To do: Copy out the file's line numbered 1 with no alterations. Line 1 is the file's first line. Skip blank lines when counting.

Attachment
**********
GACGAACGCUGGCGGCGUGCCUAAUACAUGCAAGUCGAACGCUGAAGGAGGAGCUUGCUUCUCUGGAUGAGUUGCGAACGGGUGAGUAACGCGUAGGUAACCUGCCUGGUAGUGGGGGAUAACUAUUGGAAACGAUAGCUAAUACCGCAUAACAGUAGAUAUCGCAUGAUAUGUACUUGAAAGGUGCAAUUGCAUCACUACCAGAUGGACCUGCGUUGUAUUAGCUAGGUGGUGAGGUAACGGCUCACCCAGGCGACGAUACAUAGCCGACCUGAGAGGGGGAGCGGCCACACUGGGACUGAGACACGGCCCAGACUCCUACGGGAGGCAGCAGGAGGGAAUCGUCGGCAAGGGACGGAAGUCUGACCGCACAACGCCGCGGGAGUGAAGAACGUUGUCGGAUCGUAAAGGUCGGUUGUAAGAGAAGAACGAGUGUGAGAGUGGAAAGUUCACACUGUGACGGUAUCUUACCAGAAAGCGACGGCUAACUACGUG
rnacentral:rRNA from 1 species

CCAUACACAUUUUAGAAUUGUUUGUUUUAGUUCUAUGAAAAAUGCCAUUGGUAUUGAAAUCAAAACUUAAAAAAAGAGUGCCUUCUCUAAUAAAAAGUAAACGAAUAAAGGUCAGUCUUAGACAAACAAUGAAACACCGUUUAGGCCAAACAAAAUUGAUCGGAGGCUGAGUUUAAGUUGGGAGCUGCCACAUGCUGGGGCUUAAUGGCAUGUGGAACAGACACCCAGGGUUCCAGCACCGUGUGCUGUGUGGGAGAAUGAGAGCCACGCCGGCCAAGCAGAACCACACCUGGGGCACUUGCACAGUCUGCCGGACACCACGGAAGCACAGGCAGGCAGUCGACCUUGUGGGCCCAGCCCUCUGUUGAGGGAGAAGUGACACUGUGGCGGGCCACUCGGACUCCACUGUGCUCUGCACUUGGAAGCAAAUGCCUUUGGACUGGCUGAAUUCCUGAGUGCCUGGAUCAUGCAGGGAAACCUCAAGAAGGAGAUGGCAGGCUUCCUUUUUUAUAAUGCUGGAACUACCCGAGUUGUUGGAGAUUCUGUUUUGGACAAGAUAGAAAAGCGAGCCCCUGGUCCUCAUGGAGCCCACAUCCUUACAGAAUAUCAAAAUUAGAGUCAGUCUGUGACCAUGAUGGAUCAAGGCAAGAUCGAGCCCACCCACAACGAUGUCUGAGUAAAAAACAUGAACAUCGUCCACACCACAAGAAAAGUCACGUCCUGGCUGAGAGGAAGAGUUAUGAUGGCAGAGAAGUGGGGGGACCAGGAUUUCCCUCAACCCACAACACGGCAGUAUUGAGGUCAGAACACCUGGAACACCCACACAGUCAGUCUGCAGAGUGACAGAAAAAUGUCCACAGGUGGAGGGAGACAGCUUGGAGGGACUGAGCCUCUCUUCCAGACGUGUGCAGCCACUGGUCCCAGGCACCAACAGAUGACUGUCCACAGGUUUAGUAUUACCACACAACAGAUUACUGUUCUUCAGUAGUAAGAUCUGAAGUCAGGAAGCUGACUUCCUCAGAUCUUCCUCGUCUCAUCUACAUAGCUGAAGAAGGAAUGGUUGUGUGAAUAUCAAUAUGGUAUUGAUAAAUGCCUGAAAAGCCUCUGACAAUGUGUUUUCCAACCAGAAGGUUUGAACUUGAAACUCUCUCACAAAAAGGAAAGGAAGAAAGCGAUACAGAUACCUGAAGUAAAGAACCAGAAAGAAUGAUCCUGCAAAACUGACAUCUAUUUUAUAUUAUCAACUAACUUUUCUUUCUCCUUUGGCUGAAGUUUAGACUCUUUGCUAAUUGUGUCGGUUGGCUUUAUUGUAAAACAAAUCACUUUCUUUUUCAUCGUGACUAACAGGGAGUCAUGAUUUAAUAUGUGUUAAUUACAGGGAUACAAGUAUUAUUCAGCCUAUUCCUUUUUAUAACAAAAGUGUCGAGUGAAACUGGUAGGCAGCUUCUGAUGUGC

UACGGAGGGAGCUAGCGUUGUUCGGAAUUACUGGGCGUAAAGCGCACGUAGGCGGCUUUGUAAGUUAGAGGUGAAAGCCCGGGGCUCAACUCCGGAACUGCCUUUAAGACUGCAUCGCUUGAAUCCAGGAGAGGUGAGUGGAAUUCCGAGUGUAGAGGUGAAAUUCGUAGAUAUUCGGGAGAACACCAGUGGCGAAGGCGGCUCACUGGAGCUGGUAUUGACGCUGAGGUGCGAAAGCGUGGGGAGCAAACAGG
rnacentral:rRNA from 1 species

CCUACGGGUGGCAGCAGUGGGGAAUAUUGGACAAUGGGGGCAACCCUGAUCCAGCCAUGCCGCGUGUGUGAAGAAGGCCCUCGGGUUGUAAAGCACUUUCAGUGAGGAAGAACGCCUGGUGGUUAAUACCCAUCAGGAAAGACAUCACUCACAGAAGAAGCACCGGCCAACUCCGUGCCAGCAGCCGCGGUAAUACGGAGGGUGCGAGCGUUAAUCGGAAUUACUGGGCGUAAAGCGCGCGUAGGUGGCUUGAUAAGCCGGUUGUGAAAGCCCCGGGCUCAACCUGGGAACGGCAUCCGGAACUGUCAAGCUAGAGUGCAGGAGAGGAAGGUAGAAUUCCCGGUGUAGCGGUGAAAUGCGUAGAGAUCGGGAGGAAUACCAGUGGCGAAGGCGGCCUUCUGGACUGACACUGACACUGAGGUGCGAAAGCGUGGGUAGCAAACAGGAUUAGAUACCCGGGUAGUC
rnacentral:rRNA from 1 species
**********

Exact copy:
GACGAACGCUGGCGGCGUGCCUAAUACAUGCAAGUCGAACGCUGAAGGAGGAGCUUGCUUCUCUGGAUGAGUUGCGAACGGGUGAGUAACGCGUAGGUAACCUGCCUGGUAGUGGGGGAUAACUAUUGGAAACGAUAGCUAAUACCGCAUAACAGUAGAUAUCGCAUGAUAUGUACUUGAAAGGUGCAAUUGCAUCACUACCAGAUGGACCUGCGUUGUAUUAGCUAGGUGGUGAGGUAACGGCUCACCCAGGCGACGAUACAUAGCCGACCUGAGAGGGGGAGCGGCCACACUGGGACUGAGACACGGCCCAGACUCCUACGGGAGGCAGCAGGAGGGAAUCGUCGGCAAGGGACGGAAGUCUGACCGCACAACGCCGCGGGAGUGAAGAACGUUGUCGGAUCGUAAAGGUCGGUUGUAAGAGAAGAACGAGUGUGAGAGUGGAAAGUUCACACUGUGACGGUAUCUUACCAGAAAGCGACGGCUAACUACGUG